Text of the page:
Stanhope student apartments are scheduled to finish construction in early August, bringing more than 800 beds and 25,000 sq. ft. of retail space to Hillsborough Street.
Stanhope is located at 3001 Hillsborough Street, across from Cup-A-Joe and expected to have primarily NC State undergraduates as residents.
John Kane, the developer of Stanhope, is also the developer and owner of North Hills, an upscale outdoor shopping mall. Because of Kane’s reputation and success with North Hills, there is much anticipation for the opening of Stanhope.
Kane Realty is offering students and faculty from the College of Design the opportunity to submit artwork, wall installations and sculptures for Stanhope. If selected, the creations will be permanent to the building. The deadline for submitting artwork is the end of March, and the winner will be chosen in April.
Jeff Murison, executive director of Live it Up! on Hillsborough, a community service corporation that advocates for the revitalization along Hillsborough Street, said “[Stanhope] is going to be a fantastic building, will hold a little over 800 beds, great amenities like a cyber café and infinity salt-water pool.”
Elyse Pizzella, a junior studying chemical engineering, will live in Stanhope apartments next semester.
“It’s a little pricey in comparison to other options off-campus,” she said. “There are other apartments and houses off Gorman and Tryon that aren’t as expensive, but I think for the location and price it will be worth it.”
The two-bedroom rate at Stanhope is $805, while Valentine Commons’s two-bedroom rate is $750, and College Inn’s is $765.
In addition to the residents, Stanhope will bring a commercial space below the complex.
“I am extremely confident we are going to see whether it’s a cool new restaurant, bar and nightlife, some great new retail. The mix of businesses are going to be a great attraction to students,” said Murison.
The Stanhope Development is just the beginning of the rejuvenation of Hillsborough Street, according to Murison.
“For a long time the city has been working on a plan to revitalize Hillsborough Street, that started in 2009 with Phase 1 which ran from the Bell Tower up to Gardner street. Now the city is ready to move forward with Phase 2, which will go from Gardner Street, where the first phase ended, all the way to Rosemary Street—just shy of Sub Conscious.”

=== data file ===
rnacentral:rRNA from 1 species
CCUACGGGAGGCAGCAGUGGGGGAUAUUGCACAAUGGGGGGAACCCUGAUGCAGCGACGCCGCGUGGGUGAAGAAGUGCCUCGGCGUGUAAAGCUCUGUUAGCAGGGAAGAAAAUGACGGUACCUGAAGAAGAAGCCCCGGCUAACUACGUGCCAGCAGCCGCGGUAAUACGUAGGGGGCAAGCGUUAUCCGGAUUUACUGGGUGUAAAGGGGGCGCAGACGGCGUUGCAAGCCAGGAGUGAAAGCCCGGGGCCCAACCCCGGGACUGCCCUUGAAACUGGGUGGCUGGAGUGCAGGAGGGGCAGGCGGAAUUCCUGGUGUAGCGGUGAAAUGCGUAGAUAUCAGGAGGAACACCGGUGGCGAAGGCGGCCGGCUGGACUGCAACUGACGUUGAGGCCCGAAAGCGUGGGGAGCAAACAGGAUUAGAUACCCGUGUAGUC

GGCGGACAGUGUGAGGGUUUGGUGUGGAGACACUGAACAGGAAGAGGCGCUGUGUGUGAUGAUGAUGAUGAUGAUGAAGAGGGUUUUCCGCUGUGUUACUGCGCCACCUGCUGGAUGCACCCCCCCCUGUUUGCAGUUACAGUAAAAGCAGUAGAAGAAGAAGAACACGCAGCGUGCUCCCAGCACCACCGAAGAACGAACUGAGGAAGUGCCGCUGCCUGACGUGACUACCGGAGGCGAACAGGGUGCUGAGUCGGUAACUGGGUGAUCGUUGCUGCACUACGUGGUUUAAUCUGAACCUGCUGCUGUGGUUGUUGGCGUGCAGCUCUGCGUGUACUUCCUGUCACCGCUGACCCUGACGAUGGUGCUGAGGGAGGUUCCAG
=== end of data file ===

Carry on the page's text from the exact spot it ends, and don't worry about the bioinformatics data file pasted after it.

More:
The City Council approved plans for Phase 2 of the revitalization of Hillsborough Street to move forward next month. The plans include new streets, a median, new sidewalks, new street furniture and lights. Construction is expected to begin spring 2016 and should take about 18 months to complete, according to Murison.
“The city’s investment in $13 million in Phase 2 will add more gasoline to the economic engine that will attract more redevelopment,” said Murison.
Developers hope the revitalization of Hillsborough Street will make it more user-friendly, safe and beautiful, as well as help private companies thrive.
There are also other smaller developments currently taking place on Hillsborough Street.
“We have six private sector developments going on Hillsborough Street that should be done in the next six months to a year,” said Murison.
The construction on the corner of Dan Allen Drive and Hillsborough Street, in front of University Towers, is part of the six private sector projects this year. The building will be more premium student apartments, holding somewhere from 45 to 60 beds with retail commercial space on the ground floor.
The building will be very similar to 2604 Hillsborough Street, the apartment complex above Saxby’s Coffee. The same architect and developer from 2604 Hillsborough Street designed Stanhope apartments.
Another part of the six projects on Hillsborough Street is the Aloft Hotel that will be located on the corner of Maiden and Hillsborough Streets across from the Bell Tower. According to Murison the hotel is expected to bring a metropolitan feel to Hillsborough.
“What you are seeing is a very significant investment in Hillsborough Street over the next three to four years,” said Murison.